I have always been an introvert. Half the things I wish to say go unexpressed. But people say I'm good with my written words---my writing strikes a chord.
I tried writing letters once. He was my crush in seventh grade, the cute boy with freckles. I was shy. He was outspoken. He'd smile at me and I fell for his charm, a little more every time. I'd admire him from a distance, his lovely blond hair, his sea blue eyes. It was my counsellor's idea to write letters. Perhaps she noticed I was the passive aggressive kind---the kind who'd suppress feelings until sick. She said I needed to direct my energy in a positive manner. She thought that it would do me good to share my feelings with James.
It was on her suggestion that I'd started this chain of letters that I'd never have the courage to mail him. One by one, these secret confessions filled up pages of my journal. Over time, I started immersing myself so completely into this activity, that it gradually took precedence over everything else in my life. I found excuses to skip the counselling sessions. My classmates called me queer. The bullying increased. So did the body shaming.
I ignored them. James was my Adonis, my God, and I would worship him for the rest of my life, or so I thought. Until graduation day---that was when my dreamboat chose a university in the US. I fantasised slashing my wrist at the farewell, bleeding before him until he changed his decision. But I'd dropped the idea knowing that I might bleed to death without uttering a word and offer my classmates a chance to ridicule me even after death.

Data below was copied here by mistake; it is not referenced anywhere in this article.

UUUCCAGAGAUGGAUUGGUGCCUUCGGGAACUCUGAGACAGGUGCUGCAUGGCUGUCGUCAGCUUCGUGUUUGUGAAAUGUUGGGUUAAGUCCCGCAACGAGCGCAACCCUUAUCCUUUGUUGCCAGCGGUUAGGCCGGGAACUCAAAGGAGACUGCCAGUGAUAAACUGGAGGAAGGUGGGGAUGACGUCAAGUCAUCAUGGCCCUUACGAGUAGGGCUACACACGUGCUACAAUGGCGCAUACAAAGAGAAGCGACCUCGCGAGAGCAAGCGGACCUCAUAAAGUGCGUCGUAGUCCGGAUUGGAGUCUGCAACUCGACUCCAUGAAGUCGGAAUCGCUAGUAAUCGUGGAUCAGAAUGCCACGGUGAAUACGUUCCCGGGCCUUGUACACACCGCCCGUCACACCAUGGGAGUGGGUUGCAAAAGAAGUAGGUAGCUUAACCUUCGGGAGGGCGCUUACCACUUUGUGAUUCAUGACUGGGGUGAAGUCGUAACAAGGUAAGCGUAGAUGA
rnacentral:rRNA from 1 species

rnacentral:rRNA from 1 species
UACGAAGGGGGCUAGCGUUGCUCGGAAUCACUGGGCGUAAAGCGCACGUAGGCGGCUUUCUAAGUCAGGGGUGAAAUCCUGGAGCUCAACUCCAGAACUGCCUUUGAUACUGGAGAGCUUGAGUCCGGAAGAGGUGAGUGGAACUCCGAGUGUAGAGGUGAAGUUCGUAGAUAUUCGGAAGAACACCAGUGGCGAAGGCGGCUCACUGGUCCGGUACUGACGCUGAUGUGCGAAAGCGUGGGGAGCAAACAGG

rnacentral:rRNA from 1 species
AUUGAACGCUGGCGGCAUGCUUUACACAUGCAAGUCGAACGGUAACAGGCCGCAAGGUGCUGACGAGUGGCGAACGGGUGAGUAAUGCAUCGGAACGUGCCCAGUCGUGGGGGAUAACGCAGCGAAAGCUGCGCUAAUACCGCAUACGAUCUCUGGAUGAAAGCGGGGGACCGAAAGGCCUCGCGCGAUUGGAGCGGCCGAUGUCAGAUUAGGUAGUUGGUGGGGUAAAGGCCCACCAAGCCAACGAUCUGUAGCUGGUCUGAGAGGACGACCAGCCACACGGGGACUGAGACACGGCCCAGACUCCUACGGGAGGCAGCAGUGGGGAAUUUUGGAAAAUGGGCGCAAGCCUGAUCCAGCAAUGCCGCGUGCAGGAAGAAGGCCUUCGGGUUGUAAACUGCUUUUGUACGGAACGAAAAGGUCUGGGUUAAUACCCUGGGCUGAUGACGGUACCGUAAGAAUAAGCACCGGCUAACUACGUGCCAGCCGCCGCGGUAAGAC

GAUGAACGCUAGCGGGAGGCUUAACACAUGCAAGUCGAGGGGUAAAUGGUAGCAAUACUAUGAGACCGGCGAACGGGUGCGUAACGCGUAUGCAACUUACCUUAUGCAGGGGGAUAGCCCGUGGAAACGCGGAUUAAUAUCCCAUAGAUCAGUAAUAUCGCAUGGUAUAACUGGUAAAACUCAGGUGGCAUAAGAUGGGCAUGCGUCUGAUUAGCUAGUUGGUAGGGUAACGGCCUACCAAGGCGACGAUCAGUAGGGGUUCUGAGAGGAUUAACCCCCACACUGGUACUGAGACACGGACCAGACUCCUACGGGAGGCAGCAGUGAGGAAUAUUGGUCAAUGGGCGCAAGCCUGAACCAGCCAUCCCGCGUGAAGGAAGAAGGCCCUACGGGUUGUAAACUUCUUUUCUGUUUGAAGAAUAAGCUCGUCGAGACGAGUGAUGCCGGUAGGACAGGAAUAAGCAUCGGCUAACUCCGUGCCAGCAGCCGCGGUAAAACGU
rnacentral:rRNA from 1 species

Instead, I burned my journal in frustration. But I saved the ashes---to commemorate my first love. He was going away, and I still couldn't confess my feelings for him. As time went by, I consoled myself that it would have never worked. He'd have been in NY already asleep while I'd be wide awake here in Brisbane. How long could that kind of relationship last anyway? But then again, when has the heart ever listened to reason?
When I heard he'd come home for Thanksgiving, I found myself waiting in the bushes in front of his house just to catch a glimpse of him. In the days to come, I followed him wherever he went. I don't think he noticed. He was too busy on the phone. I figured he had a girlfriend named Liz, back in New York. She called him 'Jimmy' and texted him incessantly.
"I love you, Jimmy boy." "Sweet dreams, Jimmy boy." You must be wondering how I know. Well, I saw for myself. I sneaked around and checked his phone that day. I swear I was going to put it right back. But James entered his room just then and freaked out.
"H...how did you get in?" he stammered. I nervously pointed towards the open window. That's when I saw his blue eyes fill with shock and disgust. He savagely held me by the arm and dragged me out of his room, down the stairs, to the front door.
I panicked, and rattled off my feelings for him the best way I could. I had even brought along the urn of ash that I'd saved from graduation day. I'd intended to place it on his bed before sneaking out again. But on hearing that, he only got wilder.
"Grow up, Jess! You need to stop playing psycho," he screamed, incensed at my confession. "You are lucky my folks are out tonight. They'd have surely called the cops on you."
I tried to understand. Did James just call me 'Psycho'. I'd always thought he was different. All through school, he had been the only kid in class who didn't think I was a loser, who smiled at me, treated me like I was human. I could deal with the whole neighbourhood calling me names, but not James. He was my first love and probably my last.
In the eerie silence of the night, I walked back home, heartbroken. But I had no regrets now. All the letters I'd written to him had found a way to reach him in the end. It's true what people say; I'm good with my hands. All it took was one clean stroke to get him crashing to the floor. As I saw him gasp for his final breath, I collected the spilled contents of the smashed urn with my hands. The ash was a little wet with the trickle of blood from his forehead and nostrils.
But it was still good enough to commemorate my one true love.
I have always been an introvert. But I don't write letters anymore. I write stories now...